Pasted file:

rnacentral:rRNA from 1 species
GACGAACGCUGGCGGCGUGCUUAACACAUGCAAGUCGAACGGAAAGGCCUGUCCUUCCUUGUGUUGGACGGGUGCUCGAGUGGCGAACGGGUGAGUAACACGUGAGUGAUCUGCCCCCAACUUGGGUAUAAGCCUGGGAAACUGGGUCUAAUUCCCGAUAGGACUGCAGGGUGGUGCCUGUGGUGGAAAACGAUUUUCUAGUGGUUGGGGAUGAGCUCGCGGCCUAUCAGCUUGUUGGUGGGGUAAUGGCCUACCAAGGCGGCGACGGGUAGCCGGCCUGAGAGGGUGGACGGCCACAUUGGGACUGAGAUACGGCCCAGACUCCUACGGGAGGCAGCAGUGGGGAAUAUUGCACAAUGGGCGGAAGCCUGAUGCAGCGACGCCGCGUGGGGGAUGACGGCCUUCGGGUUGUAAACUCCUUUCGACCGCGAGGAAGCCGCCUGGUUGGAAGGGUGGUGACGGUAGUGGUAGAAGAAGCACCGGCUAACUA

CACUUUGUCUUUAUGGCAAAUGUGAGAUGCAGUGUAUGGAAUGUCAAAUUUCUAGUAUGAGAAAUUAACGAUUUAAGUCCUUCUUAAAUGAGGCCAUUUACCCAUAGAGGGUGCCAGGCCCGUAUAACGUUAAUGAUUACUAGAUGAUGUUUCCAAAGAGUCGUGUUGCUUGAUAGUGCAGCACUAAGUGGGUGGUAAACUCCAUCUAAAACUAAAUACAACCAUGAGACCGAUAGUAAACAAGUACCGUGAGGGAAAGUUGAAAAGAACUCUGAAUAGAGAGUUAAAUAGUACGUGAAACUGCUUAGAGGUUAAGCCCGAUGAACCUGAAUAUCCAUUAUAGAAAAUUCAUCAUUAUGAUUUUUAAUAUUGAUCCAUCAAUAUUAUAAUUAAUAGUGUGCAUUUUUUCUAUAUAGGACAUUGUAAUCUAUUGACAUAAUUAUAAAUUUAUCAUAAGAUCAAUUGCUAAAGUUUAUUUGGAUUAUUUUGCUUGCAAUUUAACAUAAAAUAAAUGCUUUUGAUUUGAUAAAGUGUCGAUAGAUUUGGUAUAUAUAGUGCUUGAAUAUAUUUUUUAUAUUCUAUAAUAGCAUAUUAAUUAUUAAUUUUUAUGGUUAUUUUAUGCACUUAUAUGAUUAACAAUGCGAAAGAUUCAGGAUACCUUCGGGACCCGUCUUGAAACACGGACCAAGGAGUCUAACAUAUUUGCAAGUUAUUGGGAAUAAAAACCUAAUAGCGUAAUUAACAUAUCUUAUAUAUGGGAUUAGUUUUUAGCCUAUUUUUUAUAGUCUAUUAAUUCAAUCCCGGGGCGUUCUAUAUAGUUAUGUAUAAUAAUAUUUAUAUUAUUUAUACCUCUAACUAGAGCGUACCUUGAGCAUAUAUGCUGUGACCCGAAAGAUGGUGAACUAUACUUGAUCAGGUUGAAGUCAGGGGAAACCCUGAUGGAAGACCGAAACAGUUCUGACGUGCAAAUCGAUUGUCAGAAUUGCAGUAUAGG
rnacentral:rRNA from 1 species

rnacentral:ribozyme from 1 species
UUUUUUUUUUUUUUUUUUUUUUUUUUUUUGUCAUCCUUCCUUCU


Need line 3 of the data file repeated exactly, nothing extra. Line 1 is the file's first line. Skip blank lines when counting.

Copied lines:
CACUUUGUCUUUAUGGCAAAUGUGAGAUGCAGUGUAUGGAAUGUCAAAUUUCUAGUAUGAGAAAUUAACGAUUUAAGUCCUUCUUAAAUGAGGCCAUUUACCCAUAGAGGGUGCCAGGCCCGUAUAACGUUAAUGAUUACUAGAUGAUGUUUCCAAAGAGUCGUGUUGCUUGAUAGUGCAGCACUAAGUGGGUGGUAAACUCCAUCUAAAACUAAAUACAACCAUGAGACCGAUAGUAAACAAGUACCGUGAGGGAAAGUUGAAAAGAACUCUGAAUAGAGAGUUAAAUAGUACGUGAAACUGCUUAGAGGUUAAGCCCGAUGAACCUGAAUAUCCAUUAUAGAAAAUUCAUCAUUAUGAUUUUUAAUAUUGAUCCAUCAAUAUUAUAAUUAAUAGUGUGCAUUUUUUCUAUAUAGGACAUUGUAAUCUAUUGACAUAAUUAUAAAUUUAUCAUAAGAUCAAUUGCUAAAGUUUAUUUGGAUUAUUUUGCUUGCAAUUUAACAUAAAAUAAAUGCUUUUGAUUUGAUAAAGUGUCGAUAGAUUUGGUAUAUAUAGUGCUUGAAUAUAUUUUUUAUAUUCUAUAAUAGCAUAUUAAUUAUUAAUUUUUAUGGUUAUUUUAUGCACUUAUAUGAUUAACAAUGCGAAAGAUUCAGGAUACCUUCGGGACCCGUCUUGAAACACGGACCAAGGAGUCUAACAUAUUUGCAAGUUAUUGGGAAUAAAAACCUAAUAGCGUAAUUAACAUAUCUUAUAUAUGGGAUUAGUUUUUAGCCUAUUUUUUAUAGUCUAUUAAUUCAAUCCCGGGGCGUUCUAUAUAGUUAUGUAUAAUAAUAUUUAUAUUAUUUAUACCUCUAACUAGAGCGUACCUUGAGCAUAUAUGCUGUGACCCGAAAGAUGGUGAACUAUACUUGAUCAGGUUGAAGUCAGGGGAAACCCUGAUGGAAGACCGAAACAGUUCUGACGUGCAAAUCGAUUGUCAGAAUUGCAGUAUAGG